Access: You mentioned the hell you put yourselves through as actors, and you and Ian have certainly had to do a lot of that season. How have you stepped away from some of the more intense stuff, especially thinking back to the scene where he let your character burn? Are you able to turn it off quite quickly and go get a cup of tea with each other?
Michael: Yes, I don’t come from the school of method acting, as it were, so I really firmly believe in everything I’m doing at any given time, as if I am that character. So for me, sometimes you just have to shake it out a bit if it’s been quite emotional, but I don’t carry around Enzo’s baggage. I mean, it’d be quite heavy.
Access: Right. I was thinking, when you do an intense scene, sometimes you would have to shake it off.
Michael: Yeah. You know, Ian’s fantastic to work with. We have a great rapport and we get on really well and we run the scene loads beforehand and we get to a comfortable place where we’re kind of gelling and so afterwards, when we’ve had a take that is high intensity or emotional, we normally just go, ‘Dude! Nice one man, I liked that.’ We kind of give each other a pat on the back or whatever.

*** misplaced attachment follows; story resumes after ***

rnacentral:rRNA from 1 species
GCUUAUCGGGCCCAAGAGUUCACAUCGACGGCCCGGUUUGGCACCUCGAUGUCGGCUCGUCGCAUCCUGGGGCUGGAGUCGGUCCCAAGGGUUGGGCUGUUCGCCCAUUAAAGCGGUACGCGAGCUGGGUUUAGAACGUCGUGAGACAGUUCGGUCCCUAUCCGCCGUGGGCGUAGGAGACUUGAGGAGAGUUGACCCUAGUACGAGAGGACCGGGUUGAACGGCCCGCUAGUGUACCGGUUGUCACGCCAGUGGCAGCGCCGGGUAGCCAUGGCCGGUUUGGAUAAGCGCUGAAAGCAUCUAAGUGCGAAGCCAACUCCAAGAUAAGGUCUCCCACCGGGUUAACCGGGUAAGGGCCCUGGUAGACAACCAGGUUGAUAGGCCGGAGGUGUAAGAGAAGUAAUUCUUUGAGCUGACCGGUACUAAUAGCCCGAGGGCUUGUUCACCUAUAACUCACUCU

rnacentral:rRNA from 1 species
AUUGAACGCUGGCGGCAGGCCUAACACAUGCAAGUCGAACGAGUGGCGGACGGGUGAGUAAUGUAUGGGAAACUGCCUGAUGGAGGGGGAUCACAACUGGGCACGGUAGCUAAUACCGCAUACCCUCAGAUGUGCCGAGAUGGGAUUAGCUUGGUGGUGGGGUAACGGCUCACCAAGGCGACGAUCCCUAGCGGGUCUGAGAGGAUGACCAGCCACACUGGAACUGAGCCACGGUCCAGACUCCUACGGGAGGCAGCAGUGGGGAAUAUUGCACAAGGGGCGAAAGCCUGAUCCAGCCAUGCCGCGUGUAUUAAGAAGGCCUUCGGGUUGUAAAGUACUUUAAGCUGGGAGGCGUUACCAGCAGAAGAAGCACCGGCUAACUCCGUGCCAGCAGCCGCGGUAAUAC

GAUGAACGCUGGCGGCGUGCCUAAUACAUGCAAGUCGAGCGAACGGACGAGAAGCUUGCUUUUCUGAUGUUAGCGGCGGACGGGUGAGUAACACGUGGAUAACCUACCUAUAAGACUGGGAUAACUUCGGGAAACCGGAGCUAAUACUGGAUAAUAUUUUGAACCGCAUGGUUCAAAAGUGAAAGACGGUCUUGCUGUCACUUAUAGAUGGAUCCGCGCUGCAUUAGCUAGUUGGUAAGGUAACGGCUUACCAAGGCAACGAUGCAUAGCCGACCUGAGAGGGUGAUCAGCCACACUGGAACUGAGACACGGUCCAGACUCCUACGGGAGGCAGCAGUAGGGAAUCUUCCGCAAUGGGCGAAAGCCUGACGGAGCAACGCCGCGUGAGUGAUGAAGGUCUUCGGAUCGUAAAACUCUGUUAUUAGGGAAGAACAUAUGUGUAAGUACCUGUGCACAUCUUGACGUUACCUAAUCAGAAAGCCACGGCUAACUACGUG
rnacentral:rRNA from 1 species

Access: That was very ‘Fast Times At Ridgemont High,’ Michael.
Michael: (Laughs) It’s kind of like that on set.
Access: I love it. So… last week’s episode your character flipped the switch. Why do you think he couldn’t handle any more betrayals or pain, or reveals? He’d really reached his limit.
Michael: It’s pretty complicated. This character has been imprisoned and tortured for the better part of 70 years and he had certain things that he fixated upon while he was in there and one of them was Damon and his friendship with him and that betrayal he felt, and then finding that friendship again, working through it only to have it taken from him with another betrayal, was part of what was too much to bear, but also that sense of hope that he had about Maggie, which was somebody who he loved, or at least convinced himself that he loved. She was another fixation that he focused upon, and I think when people spend their time in isolation like that, not that I know too much, but they tend to fixate and obsess about certain things and so these obsessions all came to a head in last week’s episode and completely fell apart and so his entire world and what he viewed as what he had, his own sense of self, seemed to be falling away and it just became too much for him to deal with, if that makes sense.